New Gains for Pain - Pharmaceutical Executive

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New Gains for Pain
The palliative-care market is set to explode. Here's an overview of what to expect.


Pharmaceutical Executive


Pharma companies may not have the financial resources and sales force capacity to directly address unmet educational needs, but they can work with recognized organizations such as the American Pain Society for better outreach. By partnering with medical associations and patient advocacy groups to encourage physicians to participate in continued medical education on pain management, adhere to standardized guidelines, and leverage all available innovative treatment options to ensure optimal treatment of pain, in the end, pharma companies stand to benefit from greater revenues.

Pain Misconceptions Improper treatment results not only from doctors' lack of education, but also from patients who often contribute to their own undertreatment of pain. Unfortunately, patients often hold several misconceptions about pain and relevant treatments

For example, many patients refuse opioid therapy because they are concerned about the potential for addiction. In a survey conducted by the American Pain Society, more than 80 percent of patients list addiction as a main reason for precaution involving narcotics use. Most commonly, patients confuse "tolerance" with "addiction." The need for an increased dose is a physiological sign of tolerance—not addiction. Yet the fear of becoming "hooked" is a strong deterrent against prescription pain management among many patients, especially the elderly—and some immigrants from countries such as China, whose cultures typically eschew the notion of pain treatment—who have not been reached by pain-management education efforts.

In addition, patients with serious medical conditions generally expect to endure a certain level of pain. Cancer patients often assume pain to be an inevitable adverse effect of their disease and related treatments such as chemotherapy. As a result, many do not actively seek pharmacological relief from chronic symptoms.

Some doctors suffer similar misconceptions. In fact, some oncologists identify pain as a physical marker in the diagnosis and prognosis of cancer. Changing degrees of pain, some physicians claim, inform them about the status of their patients' cancer development. This misconception disregards patient comfort level and leads to preventable suffering and reduced quality of life.

Competitive Arena The pain-management market has many well-established brand and generic players, and strong competition is a substantial barrier to entry for new companies. But those interested in entering it must target niche markets (such as abuse-resistant products) or form strategic partnerships with current players.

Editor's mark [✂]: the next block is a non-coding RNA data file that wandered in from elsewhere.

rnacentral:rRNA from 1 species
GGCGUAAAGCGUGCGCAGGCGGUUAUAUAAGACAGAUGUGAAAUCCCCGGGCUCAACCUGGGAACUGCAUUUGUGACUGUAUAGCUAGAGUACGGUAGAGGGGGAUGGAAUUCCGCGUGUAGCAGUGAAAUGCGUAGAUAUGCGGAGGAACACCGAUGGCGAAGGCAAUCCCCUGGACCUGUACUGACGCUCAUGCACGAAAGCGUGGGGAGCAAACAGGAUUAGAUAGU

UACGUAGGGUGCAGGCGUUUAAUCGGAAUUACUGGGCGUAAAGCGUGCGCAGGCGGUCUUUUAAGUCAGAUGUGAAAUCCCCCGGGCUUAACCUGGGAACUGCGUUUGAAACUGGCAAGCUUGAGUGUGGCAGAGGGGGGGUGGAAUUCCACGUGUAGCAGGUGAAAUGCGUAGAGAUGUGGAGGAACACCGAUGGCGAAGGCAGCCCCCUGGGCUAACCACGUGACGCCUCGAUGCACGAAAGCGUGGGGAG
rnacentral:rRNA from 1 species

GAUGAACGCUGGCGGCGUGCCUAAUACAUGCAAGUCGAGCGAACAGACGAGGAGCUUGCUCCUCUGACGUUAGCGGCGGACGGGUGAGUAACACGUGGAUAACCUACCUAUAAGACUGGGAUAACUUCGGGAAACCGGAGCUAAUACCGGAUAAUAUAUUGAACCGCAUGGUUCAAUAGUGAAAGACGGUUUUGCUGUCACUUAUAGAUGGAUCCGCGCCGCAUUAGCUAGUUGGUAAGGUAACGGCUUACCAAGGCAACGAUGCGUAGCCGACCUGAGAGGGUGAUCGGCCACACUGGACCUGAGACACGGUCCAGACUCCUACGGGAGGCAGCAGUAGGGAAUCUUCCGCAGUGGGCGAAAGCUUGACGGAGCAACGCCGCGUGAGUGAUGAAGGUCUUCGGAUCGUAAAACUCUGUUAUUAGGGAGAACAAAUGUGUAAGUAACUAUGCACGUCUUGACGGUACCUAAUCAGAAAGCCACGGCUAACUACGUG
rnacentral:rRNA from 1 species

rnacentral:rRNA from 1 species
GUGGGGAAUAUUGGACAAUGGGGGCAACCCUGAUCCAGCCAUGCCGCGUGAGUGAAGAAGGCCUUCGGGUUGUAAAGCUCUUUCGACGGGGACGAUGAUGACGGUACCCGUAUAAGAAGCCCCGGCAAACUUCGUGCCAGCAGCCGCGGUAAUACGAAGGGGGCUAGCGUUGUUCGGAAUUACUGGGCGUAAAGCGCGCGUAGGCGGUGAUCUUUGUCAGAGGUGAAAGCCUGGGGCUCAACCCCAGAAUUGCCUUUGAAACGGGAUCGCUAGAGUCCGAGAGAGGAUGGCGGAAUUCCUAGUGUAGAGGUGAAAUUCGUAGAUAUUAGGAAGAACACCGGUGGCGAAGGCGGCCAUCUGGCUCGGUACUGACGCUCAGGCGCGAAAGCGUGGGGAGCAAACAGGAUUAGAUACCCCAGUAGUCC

Brand companies also face strong generic competition. In 2005, blockbuster drugs Duragesic and OxyContin will go off-patent and face the possibility of losing significant market share. Currently, J&J's Duragesic is the only marketed pain therapeutic to use the transdermal patch technology, although others are in the pipeline, including a generic from Endo and Alza's E-TRANS fentanyl.

OxyContin will also lose significant market share. Endo, the first generic manufacturer of extended-release oxycodone, will enjoy 180 days of market exclusivity. Market erosion will increase after the exclusivity period ends and other generic players enter the market. But the competition will not be as widespread as it is for other drugs because many generics companies simply do not enter the narcotics market.

To combat generic competition, brand manufacturers must find ways to obtain patent extensions on their products through improved formulations and expanded indications. But such strategies may not be effective if there is a lack of demand for their products or resistance to their prices. For example, some pharmacies and hospitals do not carry newer or more expensive products with sophisticated delivery systems, such as Actiq.

Companies with new, follow-on products seeking to win back market share lost to generics must find ways to speed the adoption of their drugs, whether by providing compelling data from head-to-head studies or sustaining robust marketing and salesforce efforts.

The market for pain-management therapeutics is still maturing, with the release of next-generation products, alternative drug-delivery systems, and even some new drug classes. Pain-management therapeutics may not be first-line treatments for cancer, diabetes, and other serious diseases, but they should be—when appropriate—regular adjuvant therapies used to help patients improve their quality of life and enhance physical and psychological endurance in coping with illness. But the industry must recognize that expansion of the market, which in turn drives research and development, is contingent on continuing physician education and positive patient response.


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